Cain, a long-term ally of Cummings and fellow Vote Leave bigwig, caused quite a ruckus about Allegra Stratton’s appointment as the government’s new press chief, and ultimately made his position untenable. Cummings could have stayed, but chose to leave with him.
Thus ends the Vote Leave faction at the heart of British politics.
…Just as we reach the final (probably) deadline for agreeing a deal with the EU, or leaving with no deal.
A NEW DAWN?
Unfortunately, we can only really speculate as to the timing of Cain and Abel’s departures.
Was there a serious, damaging rift in No. 10? Almost certainly.
Would this be enough, on its own, to see Johnson’s two closest allies leave? Probably not, especially seeing as one has already broken the law and stayed put.
Does this week’s Brexit deadline has anything to do with it? Maybe.
Have they actually gone? Probably, though Cummings is still doing work on Operation Mooncup or whatever the hell it is until Christmas.
One Nation Tories who remember Johnson as being the affable, more collaborative Mayor of London are praying that the Vote Leave team’s departure means that the Prime Minister can revert back to being “2012 Boris” again. Some are speculating that Trump’s downfall across the pond has shaken his trust in populist rule. Some believe that he might go for a softer Brexit without Cummings in his ear and accept a deal.
Don’t be so sure.
While Johnson might, at his core, be a more progressive Tory than he appears, he hasn’t forgotten the “Red Wall” seats that he gained at the last election. While Joe Biden is no fan of Brexit, as he has made abundantly clear, Johnson cannot renege on his promise to the Northern voters he gained last December.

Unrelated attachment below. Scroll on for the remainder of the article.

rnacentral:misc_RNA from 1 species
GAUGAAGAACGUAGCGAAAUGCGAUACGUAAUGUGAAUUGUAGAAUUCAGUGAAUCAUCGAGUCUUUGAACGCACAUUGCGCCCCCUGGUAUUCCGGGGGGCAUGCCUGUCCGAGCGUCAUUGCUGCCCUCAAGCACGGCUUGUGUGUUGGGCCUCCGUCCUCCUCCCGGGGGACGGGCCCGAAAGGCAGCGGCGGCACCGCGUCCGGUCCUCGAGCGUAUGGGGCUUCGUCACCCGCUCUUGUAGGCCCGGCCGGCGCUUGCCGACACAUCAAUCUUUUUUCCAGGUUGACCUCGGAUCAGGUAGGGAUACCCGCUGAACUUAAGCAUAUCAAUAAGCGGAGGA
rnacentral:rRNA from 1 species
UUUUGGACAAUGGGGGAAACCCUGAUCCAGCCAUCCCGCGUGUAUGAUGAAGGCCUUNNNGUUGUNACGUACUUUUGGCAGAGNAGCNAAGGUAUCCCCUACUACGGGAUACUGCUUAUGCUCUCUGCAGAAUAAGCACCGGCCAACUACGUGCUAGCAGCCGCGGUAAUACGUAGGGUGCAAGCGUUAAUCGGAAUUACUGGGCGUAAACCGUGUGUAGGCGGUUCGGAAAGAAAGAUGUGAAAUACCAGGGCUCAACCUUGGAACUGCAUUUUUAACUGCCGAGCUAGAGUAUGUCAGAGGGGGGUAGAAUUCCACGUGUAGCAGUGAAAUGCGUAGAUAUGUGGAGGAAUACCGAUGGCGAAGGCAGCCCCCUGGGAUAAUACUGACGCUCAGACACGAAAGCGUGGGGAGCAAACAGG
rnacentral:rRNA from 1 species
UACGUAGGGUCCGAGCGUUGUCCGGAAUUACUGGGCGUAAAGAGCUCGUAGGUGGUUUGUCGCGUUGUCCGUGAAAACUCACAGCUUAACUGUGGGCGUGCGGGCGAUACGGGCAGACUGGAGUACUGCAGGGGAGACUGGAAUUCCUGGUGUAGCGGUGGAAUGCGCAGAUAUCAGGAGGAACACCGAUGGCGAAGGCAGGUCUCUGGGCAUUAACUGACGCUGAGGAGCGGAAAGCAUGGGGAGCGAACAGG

With or without Cummings, Johnson has set a tone for his premiership. Yes, he might be able to repair some of the damage done to the Tory party and yes, he might be less combative when challenged. But do not think for one moment that we are suddenly going to get a brand-new, pumped-up Johnson (ew) just because Cummings and Cain have gone.
The one clear message coming out of multiple Westminster sources is that Johnson is gaining a deep-rooted reputation as being indecisive. The direction his government has tacked to since taking office might have been largely influenced by “Classic Dom” Cummings, but much-needed leadership at No.10 will not simply appear by magic now that he’s gone.
Additionally, Johnson’s two-week isolation period could not have come at a worse time. With Brexit negotiations expected to be completed, one way or another, in the coming days, an absent Prime Minister does not a good omen make.
That being said, the circumstances might be fortuitous – should the coronavirus vaccine be rolled out quickly and effectively, should the economy bounce back strongly, and should Brexit be negotiated without catastrophe (arguably more likely with the PM sidelined), then Johnson will undoubtedly get some of his swagger back.
And frankly, a confident, happy Boris Johnson at a time where we’re celebrating the end of the pandemic might just be something of a tonic for an embittered nation.
Until the next scandal comes out, at least.